One meditation that I’m really enjoying lately is counting breaths, just notice as you inhale and exhale and that’s it. Another thing you can do is to meditate focusing on one thing, like a flame. And if there’s something that you can’t get off your mind, then meditate on that, but only that, you’ll be surprised at the answers you might find.


4. Find What Works for You

When it comes to meditation, it’s not a one size fits all policy. Everyone is different and it’s important to find a meditation that works for you – that might be breath-work, a body scan or a guided meditation. For me, I have found that different methods work on different days depending on my mood, my energy and the time of day. Start with very short meditations trying out new techniques as you go and build up slowly, a few minutes at a time as your focus increases. 


5. Find Some Time To Do It The Next Day, Even If You Don’t Feel Like It

Meditation is no instant quick fix to solving all of life's problems. As with any other form of exercise, meditation takes effort, and it takes time to reap the benefits. The true power of meditation comes in creating a routine and making it a daily practice, especially on those days when you don’t feel like it.

I’ll let you into a secret; those days you aren’t motivated are going to be the days you need it the most! When we notice a resistance to meditation, we can use the resistance to our advantage and get curious about the reasons why we feel that way without judgement. So, if you do not want to meditate in that moment, that’s your invitation to just sit down and start. It’s the hardest part but with the discipline comes the lessons.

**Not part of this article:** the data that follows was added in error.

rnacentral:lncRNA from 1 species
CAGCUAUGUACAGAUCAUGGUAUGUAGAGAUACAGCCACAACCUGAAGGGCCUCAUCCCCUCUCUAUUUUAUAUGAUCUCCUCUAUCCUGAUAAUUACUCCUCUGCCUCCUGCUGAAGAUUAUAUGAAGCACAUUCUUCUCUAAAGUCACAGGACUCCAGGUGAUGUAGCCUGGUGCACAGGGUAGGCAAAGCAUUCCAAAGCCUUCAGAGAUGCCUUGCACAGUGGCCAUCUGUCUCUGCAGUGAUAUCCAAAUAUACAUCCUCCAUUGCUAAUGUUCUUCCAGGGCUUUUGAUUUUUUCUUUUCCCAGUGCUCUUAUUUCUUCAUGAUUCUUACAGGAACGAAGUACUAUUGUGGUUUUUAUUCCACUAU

A 2018 study found that meditating for 15 minutes every day promoted positive well-being and reduced stress levels. The study concluded that daily meditation had a similar effect on the body to taking a week holiday.  So, even though meditation may not feel like a vacation when you have to do it most days, remember that keeping up a routine is key to feeling these effects. 

The beauty is you can find a few minutes for stillness wherever you are all you need is yourself. If you are away from your dedicated space you can informally meditate, be it in a supermarket queue or in the office toilets, a few minutes of internal focus can be all you need to switch up your outlook.

If it's difficult for you to stick to a daily meditation practice on your own, you may want to try using an app or class for further accountability and guidance. 

  • For daily use: Headspace
  • For sleep: Calm 
  • For variety: Insight Timer
  • For sceptics: Ten Percent Happier
  • For newbies: Simple Habit



Try not to go into each meditation with expectations of how you will feel after, or how much better of a person you will become. Instead, approach each time to meditate as an opportunity to get to know your own mind better.

Just like bicep curls, the more you do, the easier it’ll get and just a little bit of mindfulness every day can have a profound effect on your mental wellness. Most importantly, remember that just like your asanas, meditation is a practice and as long as you start your journey with no hope for perfection and enjoy the exploration to the self, the effects can be profound. Apps can be a great way to get started, with many offering introductory guided courses. 

Just remember, starting is the hardest part. 


“The goal of mediation is not to get rid of thoughts or emotions. The goal is to become more aware of your thoughts and emotions and learn how to move through them without getting stuck.” – Dr. P Goldin


Just remember, starting is the hardest part but just a few minutes each day could create huge shifts in the mind. If you have any meditation tips of your own, we’d absolutely love to hear them. Please share with us in the comments below.


BIO:  Jen Wildes is a practising vinyasa yoga and meditation teacher in  Manchester, UK. Follow her on instagram @_zen_with_jen_